The 2021 Infrastructure Investment and Jobs Act requires the Federal Communications Commission and the Department of Justice to "ensure that Federal policies promote equal access to robust broadband internet access service by prohibiting deployment discrimination."
Watch this discussion on the FCC's ongoing efforts to effectuate this portion of the statute and how policymakers can best achieve the goal of equitable broadband deployment. The discussion considered what discrimination means in this context, whether broadband providers engage in it, and what regulatory actions would best ensure Americans have access to the broadband they need.
- Diana Eisner, Vice President, Policy & Advocacy, USTelecom
- Jenna Leventoff, Senior Policy Counsel, Public Knowledge
- Crystal Tully, Deputy Staff Director, United States Senate Committee on Commerce, Science & Transportation
- Sanford Williams, Special Advisor to Chairwoman Rosenworcel and Deputy Managing Director, The Office of the Managing Director, Federal Communications Commission
- Moderator: Joe Kane, Director of Broadband and Spectrum Policy, Information Technology and Innovation Foundation
As always, the Federalist Society takes no position on particular legal or public policy issues; all expressions of opinion are those of the speaker.
[Music and Narration]
Jack Derwin: Hello and welcome to this Federalist Society virtual event. My name is Jack Derwin, and I’m Associate Director of Practice Groups here at The Federalist Society. Today, we’re excited to host a panel discussion titled “Digital Discrimination” Under the Infrastructure Investment and Jobs Act. Joining us today is a stellar panel of communications law experts. In the interests of time, we’ll keep intros brief, but you can view our speaker’s full bios at fedsoc.org.
Our moderator today, Joe Kane, is Director of Broadband and Spectrum Policy at the Information, Technology, and Innovation Foundation. Previously, he was a technology policy fellow at the R Street Institute and a graduate research fellow at the Mercatus Center. After discussion between our panelists, we’ll go to audience Q&A as time allows, so please enter any questions into the Q&A function at the bottom right of your Zoom window. Finally, I’ll note that, as always, all expressions of opinion on today’s program are those of the speakers joining us today. With that, Joe, the floor is yours.
Joe Kane: Thanks, Jack, and thanks to the Telecommunications and Electronic Media Practice Group for putting on this event. The FCC is currently in the process of implementing the digital discrimination provisions of the Infrastructure Investment and Jobs Act. In part, that act requires the FCC to adopt final rules to facilitate equal access to broadband internet access service taking into account the issues of technical and economic feasibility presented by that objective, including preventing digital discrimination of access based on income level, race, ethnicity, color, religion, or national origin. The term “equal access” is defined in the statute, and it means the equal opportunity to subscribe to an offered service that provides comparable speeds, capacities, latency, and other quality of service metrics in a given area of comparable terms and conditions.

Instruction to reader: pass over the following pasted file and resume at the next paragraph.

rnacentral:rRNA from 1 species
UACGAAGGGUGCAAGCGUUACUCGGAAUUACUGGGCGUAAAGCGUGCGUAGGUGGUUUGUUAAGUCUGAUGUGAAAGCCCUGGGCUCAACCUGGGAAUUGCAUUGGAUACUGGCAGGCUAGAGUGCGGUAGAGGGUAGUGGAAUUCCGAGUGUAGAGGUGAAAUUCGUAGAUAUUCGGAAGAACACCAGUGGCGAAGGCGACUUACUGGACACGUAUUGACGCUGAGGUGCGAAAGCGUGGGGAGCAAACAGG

So all of that is quite a mouthful and not necessarily crystal clear. And, so, as the FCC is in the process of determining how it should implement this portion of the IIJA, it’s appropriate that we have this expert panel to explain it to us. As Jack said, their fuller bios are all on the website, so I’ll just give quick introductions here. We have Diana Eisner, who’s the Vice President of Policy and Advocacy at USTelecom; Jenna Leventoff, who is Senior Policy Counsel at Public Knowledge; Crystal Tully, who is Deputy Staff Director of the Senate’s Commerce Committee, and Sanford Williams, who is Special Advisor to FCC Chairwoman Rosenworcel and Deputy Managing Director at the FCC.
And, so, to start it off, I just want to start with we have this statute that says the FCC has to adopt rules to facilitate equal access, and that includes preventing digital discrimination. And, while equal access has definition that I elicited there in the statute, I don’t think digital discrimination actually has it’s spelled out definition. So there’s obviously a lot of history on what discrimination law is and how it works. So I wanted to start by just asking the panelists, what does the IJAA mean by digital discrimination, and how is that similar or different to other definitions of discrimination in other areas of law? And maybe for this we can start with Crystal, since Congress is the one who wrote this.
Crystal Tully: Sure. Yeah, I’m happy to. So I guess we came at this -- we hear a lot of issues with broadband deployment all the time from different groups, especially in places like Mississippi, where there are a lot of areas that are economically hard to serve, rural areas—even urban areas sometimes. We hear these issues all the time, and we were kind of looking to figure out if there actually is a problem, if it does exist, if there’s an issue of digital discrimination, if certain communities are not being served for a certain purpose. So we thought having the expert agency, the FCC, take a look at that, open it in a robust NOI, to ask these questions to hear from the people that are in these communities and the companies that serve them, if there’s a problem at all.